In any other country, if you had a warm-blooded young scion of a sunny land who had grown up under the almost constantly approving smiles of an indulgent father and mother, possessed of great wealth and traditions of spending freely on amusement and outward display and, lastly, a native police which would almost as soon dare to rebel openly against the Government as to lock up for anything short of serious and unconcealable crime any son of a great ruling family, it appears to me more than possible that you would have much more trouble with such a gilded youth, who, moreover, would probably succumb to early physical and financial ruin instead of developing, as has been said, into a grave and reverend se?or, capable in either Chamber of Congress or in a ministerial or diplomatic capacity, as the Argentine fils de famille eventually does. That he does so[59] develop and does not succumb, I attribute to his underlying quality of common sense, coupled with his mainly open-air upbringing in the Camp.

Also, the young Argentine may be and often is, exceedingly fond of sowing a vast quantity of wild oats, but he is very seldom ill-natured or fundamentally bad. His very vices are strongly tempered with redeemingly generous qualities.

As good a comparison as any I can hit on between the upper-class Argentine and his Uruguayan cousin is that of the smart Londoner and the resident in a provincial Cathedral town. The latter is less given to display of such wealth as he may have and much less likely to make any pretence of greater. The Uruguayan is usually unpretentious in his way of living and at the same time gives an impression of greater solidity if more modest dimensions of fortune. Among both there is the same aristocratic assuredness of social position; but whereas each better-class Argentine seeks to outvie his immediate associates in luxurious outward appearance, the Uruguayan is content with a more solid if less showy all-round level of comfort. If one may use so discredited a term, the Uruguayan is the much more “eminently respectable” of the two, a man who derives his greatest pride from the fact that his word always has been and is every bit as good as his bond.

He has some contempt for Argentine showiness; while on the other side of the River Plate estuary he himself is considered as too slow-going to be very interesting. The Argentine is certainly jealous of the sounder general credit enjoyed by Uruguay, a jealousy not soothed by a certain quiet assumption of superiority of a nation which has always turned a deaf ear to any suggestions of convenient financial juggling, however critical or difficult the times.

There can be no doubt but that while the Uruguayan is possessed of common sense in much the same degree as is the Argentine, this quality is in the former tempered by a large quantum of Quixotic obstinacy.

[60]

Roughly speaking—very roughly, for generalization is almost as hazardous as prophecy—it may be said that while the Argentine is often apt to be guided rather by opportunism than fixed principle, the Uruguayan will only begin to listen to the voice of opportunity when he feels sure that no one of his inflexible principles is likely to be affected by so doing.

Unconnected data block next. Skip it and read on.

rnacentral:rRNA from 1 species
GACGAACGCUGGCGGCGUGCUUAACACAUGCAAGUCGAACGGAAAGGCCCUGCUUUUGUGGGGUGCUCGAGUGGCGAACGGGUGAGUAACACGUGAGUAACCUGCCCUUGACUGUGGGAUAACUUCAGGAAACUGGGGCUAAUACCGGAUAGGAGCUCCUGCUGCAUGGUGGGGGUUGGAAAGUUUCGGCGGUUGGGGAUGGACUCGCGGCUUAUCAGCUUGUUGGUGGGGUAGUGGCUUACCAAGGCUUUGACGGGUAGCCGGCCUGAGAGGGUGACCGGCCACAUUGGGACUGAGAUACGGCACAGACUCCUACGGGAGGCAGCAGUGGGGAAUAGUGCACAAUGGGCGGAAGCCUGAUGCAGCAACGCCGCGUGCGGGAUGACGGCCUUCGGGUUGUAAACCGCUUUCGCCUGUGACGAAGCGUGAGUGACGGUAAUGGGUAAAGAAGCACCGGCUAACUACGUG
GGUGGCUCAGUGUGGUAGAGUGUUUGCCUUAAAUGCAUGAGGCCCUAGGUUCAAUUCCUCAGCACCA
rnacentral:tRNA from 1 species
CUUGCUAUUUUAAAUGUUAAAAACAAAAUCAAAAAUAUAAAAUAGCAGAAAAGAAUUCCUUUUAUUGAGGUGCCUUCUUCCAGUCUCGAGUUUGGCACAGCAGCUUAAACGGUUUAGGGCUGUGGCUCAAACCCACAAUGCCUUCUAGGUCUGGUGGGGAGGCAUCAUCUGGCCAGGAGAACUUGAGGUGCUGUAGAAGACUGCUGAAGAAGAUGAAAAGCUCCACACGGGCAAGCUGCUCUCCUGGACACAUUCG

As we have seen, both the White and Red political parties in Uruguay have over and over again racked the whole country with civil war for the defence or assertion of pure principles, in regard to which no compromise seemed possible to one side or the other.

Argentina also had her period of Civil War brought about in a very great measure, no doubt, by similar causes; but her politicians have during the last fifty years learned the pecuniary value of, at least apparent, adaptability.

The Uruguayan of to-day is just as inflexible in his convictions as he was a century ago, and if he now chooses peace rather than civil war it is because he has become sincerely persuaded that peace is the only real way to his country’s best good and prosperity. Peace with honour, that is to say. He would rather commit public or individual suicide than accept any other.

For this reason (and for others) there is no likelihood of the Banda Oriental ever becoming a part of Argentina. Uruguayans could never be peacefully governed by Argentine policy, and Argentina would never wish to be burdened by such a troublesome community as would be the Uruguayans if they should come under her nominal rule. As historical fact, Argentina has already refused Uruguayan territory as a gift, and acted wisely in such refusal.

The lower classes and rural populations of Argentina and Uruguay differ, pari passu, as much and in similar fashion, from one another as do their respective social superiors, though Camp life is in many ways Camp life in both Republics alike. But ruggedly uncompromising staunchness to those[61] principles which he has adopted for his own—which, however, may differ from European standards—is as evident in the Uruguayan peon as in his master.

Once you really know the Argentine or the Uruguayan, it is seldom difficult to forecast what either will do in any given circumstances. Needless, perhaps, to add that your study of them must be sympathetic; as must all such study in order to obtain positive or any at all satisfactory results.